Aligning Olympic Education With the Liberal Arts: a Curriculum Blueprint From Taiwan

Hsu, Li-Hong and Kohe, Geoff (2014) Aligning Olympic Education With the Liberal Arts: a Curriculum Blueprint From Taiwan.

View this record at http://eprints.worc.ac.uk/3012/
Official URL: 10.1080/17408989.2014.882892

Abstract

Background: For some time the Olympics have enjoyed a relatively cosy, and quite unsurprising, relationship with Physical Education and its practitioners. Yet, as academics continue their critiques of all matters Olympic, this seemingly symbiotic partnership is being placed under much closer scrutiny. The debates are typically orientated around several key concerns, namely, the vagaries of Olympic discourse, the implicit assumptions that align Olympic idealism with ‘good’ moral education, the relevance of Olympic values in young peoples' lives, the Olympic industry's politicizing/colonizing of educational domains, and the utility of Olympic ideals for affecting social, cultural, and (physical) educational change. One other discussion thread, which we add to in this paper, has been the (in)congruencies between Olympic idealism and non-Western cultural contexts and educational frameworks. Combined, the scholarly voices essentially encourage theorists and practitioners to approach the relationship between education and the Olympics with care. Context and curriculum overview: Cognizant of these contentions, this paper exhibits an Olympic education curriculum for first-year undergraduate students enrolled within a provincial Taiwanese University's Liberal Arts programme. We detail three tentative themes around which an Olympic education curriculum might be constructed: Peace, Multiculturalism, and Global sensibilities. These particular themes are concomitant with Olympic idealism, but also align with contemporary East Asian Liberal Arts frameworks. In our curriculum design, the emphasis is on developing an Olympic education that not only introduces students to broader global ideas (e.g. universality and cosmopolitan citizenry), but that respects and reflects national/localized specificities (e.g. Asian philosophical traditions and their legacies in educational institutions). Considerations: The paper stresses the need to further Olympic debates outside the traditional domains of sport and Physical Education, and continue the challenge to Western-orientated sport pedagogies. Our intention is to create a strong cross-cultural study Olympic-inspired Liberal Arts programme that may better link tertiary students in Taiwan with key sport institutions in East Asia, and also throughout the wider communities around the world. We envision aspects of our course material may hopefully serve as a useful reference for other teachers and provide a blueprint for future curricula that might challenge Western-Olympic education orientations.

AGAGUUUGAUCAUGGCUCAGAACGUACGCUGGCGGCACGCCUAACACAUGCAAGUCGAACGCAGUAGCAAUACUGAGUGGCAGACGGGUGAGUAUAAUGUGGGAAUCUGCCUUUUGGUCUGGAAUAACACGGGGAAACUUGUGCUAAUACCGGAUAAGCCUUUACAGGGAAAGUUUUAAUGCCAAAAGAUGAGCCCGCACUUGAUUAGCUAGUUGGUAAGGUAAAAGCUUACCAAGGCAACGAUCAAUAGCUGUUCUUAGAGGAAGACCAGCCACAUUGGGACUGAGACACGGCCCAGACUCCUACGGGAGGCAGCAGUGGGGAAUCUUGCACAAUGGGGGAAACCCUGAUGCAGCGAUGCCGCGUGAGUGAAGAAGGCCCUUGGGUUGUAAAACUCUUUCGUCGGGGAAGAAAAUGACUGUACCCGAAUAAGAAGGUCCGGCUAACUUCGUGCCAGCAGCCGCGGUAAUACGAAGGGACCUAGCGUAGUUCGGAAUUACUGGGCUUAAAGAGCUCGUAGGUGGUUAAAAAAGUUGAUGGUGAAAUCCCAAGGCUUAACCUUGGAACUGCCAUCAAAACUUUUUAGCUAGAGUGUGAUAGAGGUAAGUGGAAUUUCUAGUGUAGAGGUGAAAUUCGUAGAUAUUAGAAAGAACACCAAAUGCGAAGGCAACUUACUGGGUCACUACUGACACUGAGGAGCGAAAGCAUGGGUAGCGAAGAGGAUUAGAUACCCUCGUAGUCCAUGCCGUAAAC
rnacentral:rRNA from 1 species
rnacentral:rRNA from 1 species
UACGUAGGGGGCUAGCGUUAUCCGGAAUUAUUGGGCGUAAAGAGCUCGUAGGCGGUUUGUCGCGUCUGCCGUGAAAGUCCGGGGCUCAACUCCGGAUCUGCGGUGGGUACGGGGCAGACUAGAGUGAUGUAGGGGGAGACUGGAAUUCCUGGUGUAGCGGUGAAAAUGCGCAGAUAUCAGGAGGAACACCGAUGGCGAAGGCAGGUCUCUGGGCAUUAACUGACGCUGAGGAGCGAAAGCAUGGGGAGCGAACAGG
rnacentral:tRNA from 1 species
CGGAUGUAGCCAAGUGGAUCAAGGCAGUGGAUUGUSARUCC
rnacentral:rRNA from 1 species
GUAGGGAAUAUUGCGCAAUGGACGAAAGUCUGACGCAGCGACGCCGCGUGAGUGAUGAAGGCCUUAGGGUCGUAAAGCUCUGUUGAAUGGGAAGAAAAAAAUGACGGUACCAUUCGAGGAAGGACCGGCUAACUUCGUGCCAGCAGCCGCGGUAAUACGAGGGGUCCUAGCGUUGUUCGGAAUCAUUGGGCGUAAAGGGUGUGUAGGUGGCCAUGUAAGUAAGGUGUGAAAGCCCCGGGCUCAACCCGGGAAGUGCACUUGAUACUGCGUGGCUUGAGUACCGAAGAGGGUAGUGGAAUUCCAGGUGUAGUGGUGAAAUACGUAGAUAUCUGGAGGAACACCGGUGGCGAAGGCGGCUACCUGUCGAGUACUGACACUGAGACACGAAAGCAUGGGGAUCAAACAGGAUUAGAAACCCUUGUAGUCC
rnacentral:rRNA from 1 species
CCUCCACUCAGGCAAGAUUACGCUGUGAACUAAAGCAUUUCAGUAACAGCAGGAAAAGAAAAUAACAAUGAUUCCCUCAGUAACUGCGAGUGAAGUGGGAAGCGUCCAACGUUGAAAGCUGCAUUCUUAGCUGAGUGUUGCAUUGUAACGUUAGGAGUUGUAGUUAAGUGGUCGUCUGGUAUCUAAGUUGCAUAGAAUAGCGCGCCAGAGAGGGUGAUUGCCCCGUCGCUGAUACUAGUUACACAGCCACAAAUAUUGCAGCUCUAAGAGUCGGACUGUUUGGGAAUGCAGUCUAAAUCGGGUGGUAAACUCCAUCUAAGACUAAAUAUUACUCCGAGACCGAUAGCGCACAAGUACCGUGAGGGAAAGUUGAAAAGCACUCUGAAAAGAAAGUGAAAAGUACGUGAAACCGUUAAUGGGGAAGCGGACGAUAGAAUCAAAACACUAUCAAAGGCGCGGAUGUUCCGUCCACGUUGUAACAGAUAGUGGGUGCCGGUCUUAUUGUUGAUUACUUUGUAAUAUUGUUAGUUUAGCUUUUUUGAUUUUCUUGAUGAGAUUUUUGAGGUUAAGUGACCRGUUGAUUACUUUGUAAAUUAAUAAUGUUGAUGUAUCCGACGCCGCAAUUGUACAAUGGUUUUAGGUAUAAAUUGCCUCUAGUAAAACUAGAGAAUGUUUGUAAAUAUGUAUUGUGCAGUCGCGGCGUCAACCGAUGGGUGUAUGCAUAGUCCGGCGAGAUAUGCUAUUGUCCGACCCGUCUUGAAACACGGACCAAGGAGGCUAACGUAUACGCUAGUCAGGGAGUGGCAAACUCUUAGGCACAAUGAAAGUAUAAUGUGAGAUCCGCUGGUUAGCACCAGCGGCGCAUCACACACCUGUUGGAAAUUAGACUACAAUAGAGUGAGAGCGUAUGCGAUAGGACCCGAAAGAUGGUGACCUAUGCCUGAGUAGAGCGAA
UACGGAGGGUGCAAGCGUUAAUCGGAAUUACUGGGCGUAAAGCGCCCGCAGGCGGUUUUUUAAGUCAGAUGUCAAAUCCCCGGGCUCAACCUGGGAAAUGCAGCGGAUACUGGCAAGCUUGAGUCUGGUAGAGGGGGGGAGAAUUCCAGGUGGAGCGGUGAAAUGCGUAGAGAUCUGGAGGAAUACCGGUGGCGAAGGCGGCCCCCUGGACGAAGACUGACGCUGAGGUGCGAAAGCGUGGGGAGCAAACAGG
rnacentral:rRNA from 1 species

Item Type: Article
Keywords: B Philosophy (General), GV Recreation Leisure, L Education (General), LB2300 Higher Education, LB2361 Curriculum
Members: University of Worcester
Depositing User: ULCC Admin
Date Deposited: 28 Feb 2014 01:29
Last Modified: 08 Nov 2016 13:14
URI: http://collections.crest.ac.uk/id/eprint/7993

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